Operation Hollywood | An Industry of Propaganda, White Saviours, and Sexism


All Of The Marvel Movie Character Rights Explained In One Graphic

Jon Negroni

Recently, The Geek Twins put together this fantastic guide for which movie studios own the rights to every Marvel Comics character.

From X-Men, Spider-Man and even the often ignored Namor, you can now see in one clear picture how it’s all laid out (for now) in this graphic illustrated by Maurice Mitchell.

Be sure to show those guys some love by checking out thegeektwins.com

Marvel Movie Character RightsThanks for Reading! You can subscribe to this blog by email via the prompt on the sidebar. Otherwise, be sure to stay connected with me on Twitter (@JonNegroni). I’ll follow you back if you say something witty and awesome.

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GRAMMY Predictions

I have literally been lacking in posting on this blog for a while and I apologise, with work for school piling in up and everything it has just been a very stressful few weeks. But I will be post a lot more regularly (I hope, no promises) in the near future, and since the GRAMMYs is on tonight (well tomorrow morning, like 4am my time to be exact), I will be posting about the Grammys from today to about tomorrow, talking about the nominees, performances, and winners of this year’s GRAMMYs. But on this post, I’ll be predicting the winners of the main categories. I’ll also be pointing out my preferred winners as well as the ones I think will win regardless. Read the list below. The bolded nominee would be my predicted winners and the nominees in italics would be my preferred winners.

Record of the Year:

  • Get Lucky – Daft Punk & Pharrell Williams
  • Radioactive – Imagine Dragons
  • Royals – Lorde
  • Locked Out Of Heaven – Bruno Mars
  • Blurred Lines – Robin Thicke Featuring T.I. & Pharrell 

Album of the Year:

  • The Blessed Unrest – Sara Bareilles
  • Random Access Memories – Daft Punk
  • Good Kid, M.A.A.D City – Kendrick Lamar
  • The Heist – Macklemore & Ryan Lewis
  • Red – Taylor Swift

Song of the Year:

  • Just Give Me A Reason – Jeff Bhasker, Pink & Nate Ruess, songwriters (Pink Featuring Nate Ruess)
  • Locked Out Of Heaven – Philip Lawrence, Ari Levine & Bruno Mars, songwriters (Bruno Mars)
  • Roar – Lukasz Gottwald, Max Martin, Bonnie McKee, Katy Perry & Henry Walter, songwriters (Katy Perry)
  • Royals – Joel Little & Ella Yelich O’Connor, songwriters (Lorde)
  • Same Love – Ben Haggerty, Mary Lambert & Ryan Lewis, songwriters (Macklemore & Ryan Lewis Featuring Mary Lambert

Best New Artist:

  • James Blake
  • Kendrick Lamar
  • Macklemore & Ryan Lewis
  • Kacey Musgraves
  • Ed Sheeran

Best Pop Solo Performance:

  • Brave – Sara Bareilles
  • Royals – Lorde
  • When I Was Your Man – Bruno Mars
  • Roar – Katy Perry
  • Mirrors – Justin Timberlake

Best Pop Duo/Group Performance:

  • Get Lucky – Daft Punk & Pharrell Williams
  • Just Give Me A Reason – Pink Featuring Nate Ruess
  • Stay – Rihanna Featuring Mikky Ekko
  • Blurred Lines – Robin Thicke Featuring TI & Pharrell
  • Suit & Tie – Justin Timberlake & Jay Z

Best Pop Vocal Album:

  • Paradise – Lana Del Rey
  • Pure Heroine – Lorde
  • Unorthodox Jukebox – Bruno Mars
  • Blurred Lines – Robin Thicke
  • The 20/20 Experience: The Complete Experience – Justin Timberlake

Best Dance/Electronica Album:

  • Random Access Memories – Daft Punk
  • Settle – Disclosure
  • 18 Months – Calvin Harris
  • Atmosphere – Kaskade
  • A Color Map Of The Sun – Pretty Lights

Best R&B Song:

  • Best Of Me – Anthony Hamilton & Jairus Mozee, songwriters (Anthony Hamilton)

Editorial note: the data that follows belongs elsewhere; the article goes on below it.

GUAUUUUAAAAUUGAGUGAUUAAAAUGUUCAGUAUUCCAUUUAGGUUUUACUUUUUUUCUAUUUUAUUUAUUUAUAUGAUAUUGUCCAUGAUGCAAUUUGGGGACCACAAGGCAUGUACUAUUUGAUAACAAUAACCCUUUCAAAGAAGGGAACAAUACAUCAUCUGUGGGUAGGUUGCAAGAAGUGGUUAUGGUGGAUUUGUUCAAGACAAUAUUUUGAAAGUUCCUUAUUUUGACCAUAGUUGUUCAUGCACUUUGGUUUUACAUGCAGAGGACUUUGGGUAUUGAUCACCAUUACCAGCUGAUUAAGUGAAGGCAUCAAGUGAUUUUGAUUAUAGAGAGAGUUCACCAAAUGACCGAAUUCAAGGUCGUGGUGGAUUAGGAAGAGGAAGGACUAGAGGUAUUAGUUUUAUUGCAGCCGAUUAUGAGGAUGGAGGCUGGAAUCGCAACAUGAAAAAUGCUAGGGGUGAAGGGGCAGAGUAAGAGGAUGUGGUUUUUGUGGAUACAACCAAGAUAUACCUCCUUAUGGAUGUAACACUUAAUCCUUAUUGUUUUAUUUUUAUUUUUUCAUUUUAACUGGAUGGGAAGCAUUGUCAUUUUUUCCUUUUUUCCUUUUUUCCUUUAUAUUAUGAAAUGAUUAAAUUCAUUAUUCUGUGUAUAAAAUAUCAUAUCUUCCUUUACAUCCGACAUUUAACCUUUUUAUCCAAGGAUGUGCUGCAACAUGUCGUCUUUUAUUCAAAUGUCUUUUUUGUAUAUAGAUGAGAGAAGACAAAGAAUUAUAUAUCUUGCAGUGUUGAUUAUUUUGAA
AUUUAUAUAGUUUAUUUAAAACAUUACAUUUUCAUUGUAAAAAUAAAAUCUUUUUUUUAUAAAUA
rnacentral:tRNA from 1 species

• Love And War – Tamar Braxton, Darhyl Camper, Jr., LaShawn Daniels & Makeba Riddick, songwriters (Tamar Braxton)
  • Only One – PJ Morton, songwriter (PJ Morton Featuring Stevie Wonder)
  • Pusher Love Girl – James Fauntleroy, Jerome Harmon, Timothy Mosley & Justin Timberlake, songwriters (Justin Timberlake)
  • Without Me – Fantasia Barrino, Missy Elliott, Al Sherrod Lambert, Harmony Samuels & Kyle Stewart, songwriters (Fantasia Featuring Kelly Rowland & Missy Elliot)

Best Rap/Sung Collaboration:

  • Power Trip – J. Cole Featuring Miguel
  • Part II (On The Run) – Jay Z Featuring Beyoncé
  • Holy Grail – Jay Z Featuring Justin Timberlake
  • Remember You – Wiz Khalifa Featuring The Weeknd
  • Now Or Never – Kendrick Lamar Featuring Mary J. Blige

Best Rap Album:

  • Nothing Was The Same – Drake
  • Magna Carta…Holy Grail – Jay Z
  • Good Kid, M.A.A.D City – Kendrick Lamar
  • The Heist – Macklemore & Ryan Lewis
  • Yeezus – Kanye West



Okay, I know this is a Pop Culture blog so I’m going to keep this New Year’s resolution related to pop culture. I’ve compiled a list of things I’m going to attempt my hardest to avoid. Here it goes:

  1. Minimise my use of file sharing websites: We’re all guilty of it, but I’ve created a habit of downloading or watching albums or TV shows before I actually decide to purchase them. I want to appreciate the work and art that they’ve created much more than just saying “I watch them all the time” or “I listen to that album all the time” and actually purchase it, because if I’m enjoying their work and its content, why shouldn’t I pay for their work?
  2. Be less hateful towards artists: Fandoms. I’m in a fandom myself, and I have been since I’ve joined Twitter in 2009. I’ve been part of Beyonce’s fandom for nearly 5 years and throughout that I’ve sent such abusive tweets to fans of other musicians and the musicians themselves, causing them to block or report me. I want to retire from these immature acts as I have recently turned 18, and I’m off to university. I want to start fresh, mature, and be less hateful, because at the end of the day, they’re still successful and giving them any dose of attention just generates more publicity for them, which goes against what you’re bashing them for in the first place.
  3. Appreciate: This is going to link with fandoms but I want to appreciate the works of more of these musicians as they have different styles and musical inspirations.

This list was very short but as I said these are my pop culture resolutions, my personal list is much longer. 




QUEEN of R&B, Beyoncé, shocked the UK when she released her self-titled 5th album, with no prior warning or promotion. Beyoncé’s surprise album, BEYONCÉ, is X-rated, sensuous and thoughtful, says Neil McCormick, putting Beyoncé’s vocal gifts put the rest of 2013’s pop stars in the shade. The self proclaimed “visual album”, features 14 original tracks as well as 17 videos, a video for each track and extras, such as a new video for Pepsi’s promo single, “Grown Woman”, a revamped version, featuring her long time friend, and band mate, Kelly Rowland, and her mother, Tina Knowles. The album also has features from husband Jay Z, rapper Drake, Nigerian writer Chimamanda Ngozi Adiche, Frank Ocean, who has also written Beyoncé’s “I Miss You” and her one year old child, Blue Ivy.